Inflammatory thyroid diseases include those which are mediated through autoimmune disorders such as Hashimoto thyroiditis and Graves disease, as well as inflammatory goiter and subacute thyroiditis. In patients with such disorders, the thyroid gland often becomes markedly enlarged with an associated fibro-vascular connective tissue reaction involving the thyroid capsule and surrounding soft tissues. This results in dense, adherent connective tissue which may compress and obscure critical central neck compartment structures and make capsular dissection challenging. Thyroid surgery in patients with fibro-adherent inflammatory thyroid disease is technically challenging and postoperative complication rates are higher for these procedures. Due to these increased risks for complications, operative procedures in these circumstances should be designed with careful consideration of the anatomical changes associated with the underlying inflammatory pathology. Elements important to successful surgical resection include appropriate patient preparation and surgical planning, together with execution of the operative procedure with adaptation to many of the changes induced by inflammation on both the thyroid gland and the surrounding central neck structures.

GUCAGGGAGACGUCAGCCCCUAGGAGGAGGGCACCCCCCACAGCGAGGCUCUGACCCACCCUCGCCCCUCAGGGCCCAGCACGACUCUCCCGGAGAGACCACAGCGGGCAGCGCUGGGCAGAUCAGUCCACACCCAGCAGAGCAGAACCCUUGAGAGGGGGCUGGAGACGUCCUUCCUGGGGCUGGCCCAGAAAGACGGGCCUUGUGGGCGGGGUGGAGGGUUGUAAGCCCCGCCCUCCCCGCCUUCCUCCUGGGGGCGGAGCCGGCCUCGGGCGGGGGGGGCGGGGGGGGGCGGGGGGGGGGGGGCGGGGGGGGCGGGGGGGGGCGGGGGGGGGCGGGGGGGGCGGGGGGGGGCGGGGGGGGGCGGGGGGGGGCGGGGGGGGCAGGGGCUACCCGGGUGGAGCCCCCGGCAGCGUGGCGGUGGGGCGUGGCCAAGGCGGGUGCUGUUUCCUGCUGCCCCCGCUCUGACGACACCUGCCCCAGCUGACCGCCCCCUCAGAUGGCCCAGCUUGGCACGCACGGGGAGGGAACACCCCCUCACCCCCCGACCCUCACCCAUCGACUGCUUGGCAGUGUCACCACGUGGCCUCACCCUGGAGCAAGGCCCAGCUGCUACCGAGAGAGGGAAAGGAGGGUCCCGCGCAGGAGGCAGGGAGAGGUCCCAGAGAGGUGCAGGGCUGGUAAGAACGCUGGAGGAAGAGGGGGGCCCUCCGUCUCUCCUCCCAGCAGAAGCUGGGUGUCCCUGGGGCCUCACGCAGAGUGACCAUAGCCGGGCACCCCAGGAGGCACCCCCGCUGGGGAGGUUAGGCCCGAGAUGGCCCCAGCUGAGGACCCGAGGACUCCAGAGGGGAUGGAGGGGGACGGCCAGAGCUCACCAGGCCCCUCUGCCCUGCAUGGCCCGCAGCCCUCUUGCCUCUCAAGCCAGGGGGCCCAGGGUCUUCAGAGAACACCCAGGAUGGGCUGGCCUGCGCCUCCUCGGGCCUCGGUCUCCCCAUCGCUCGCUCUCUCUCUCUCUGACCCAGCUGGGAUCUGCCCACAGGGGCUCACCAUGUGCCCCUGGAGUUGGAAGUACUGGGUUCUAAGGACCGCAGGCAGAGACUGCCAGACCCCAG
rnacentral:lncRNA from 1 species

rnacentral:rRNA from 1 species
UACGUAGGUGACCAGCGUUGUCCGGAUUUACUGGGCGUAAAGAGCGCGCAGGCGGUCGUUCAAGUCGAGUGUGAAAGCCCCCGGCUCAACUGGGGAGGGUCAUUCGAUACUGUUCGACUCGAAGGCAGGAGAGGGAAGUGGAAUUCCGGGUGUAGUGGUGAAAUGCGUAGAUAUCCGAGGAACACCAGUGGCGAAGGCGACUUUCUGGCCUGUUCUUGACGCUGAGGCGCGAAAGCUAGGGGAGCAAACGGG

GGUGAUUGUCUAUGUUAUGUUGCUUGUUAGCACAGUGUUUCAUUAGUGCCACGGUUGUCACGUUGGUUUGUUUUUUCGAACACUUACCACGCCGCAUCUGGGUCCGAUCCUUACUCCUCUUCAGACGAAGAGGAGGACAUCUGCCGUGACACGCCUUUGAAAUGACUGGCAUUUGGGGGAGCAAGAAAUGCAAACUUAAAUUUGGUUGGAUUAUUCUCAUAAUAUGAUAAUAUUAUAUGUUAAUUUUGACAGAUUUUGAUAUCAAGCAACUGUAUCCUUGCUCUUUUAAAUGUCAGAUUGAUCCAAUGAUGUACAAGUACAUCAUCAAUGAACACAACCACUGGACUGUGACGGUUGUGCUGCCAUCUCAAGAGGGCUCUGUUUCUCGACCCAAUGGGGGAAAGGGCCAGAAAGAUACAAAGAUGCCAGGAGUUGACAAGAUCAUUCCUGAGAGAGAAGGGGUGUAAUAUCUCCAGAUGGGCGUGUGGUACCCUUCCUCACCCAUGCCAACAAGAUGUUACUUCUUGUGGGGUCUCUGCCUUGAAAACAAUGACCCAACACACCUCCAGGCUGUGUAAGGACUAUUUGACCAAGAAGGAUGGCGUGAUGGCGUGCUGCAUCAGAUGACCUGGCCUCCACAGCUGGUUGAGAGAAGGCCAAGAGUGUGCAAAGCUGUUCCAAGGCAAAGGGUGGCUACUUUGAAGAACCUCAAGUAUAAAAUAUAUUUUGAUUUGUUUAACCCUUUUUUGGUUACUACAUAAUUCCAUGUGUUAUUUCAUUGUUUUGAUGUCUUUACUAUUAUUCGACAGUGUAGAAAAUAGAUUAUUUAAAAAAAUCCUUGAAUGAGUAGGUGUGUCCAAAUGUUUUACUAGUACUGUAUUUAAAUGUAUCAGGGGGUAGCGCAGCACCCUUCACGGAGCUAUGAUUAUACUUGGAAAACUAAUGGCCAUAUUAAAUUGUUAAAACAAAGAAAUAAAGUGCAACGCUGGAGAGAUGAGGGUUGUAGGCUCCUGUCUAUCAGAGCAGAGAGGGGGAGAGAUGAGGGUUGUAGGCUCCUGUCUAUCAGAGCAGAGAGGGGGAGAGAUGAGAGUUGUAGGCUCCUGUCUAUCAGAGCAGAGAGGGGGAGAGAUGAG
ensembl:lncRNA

|Original language||English (US)|
|Number of pages||8|
|Journal||Operative Techniques in Otolaryngology - Head and Neck Surgery|
|State||Published - Mar 1 2018|
ASJC Scopus subject areas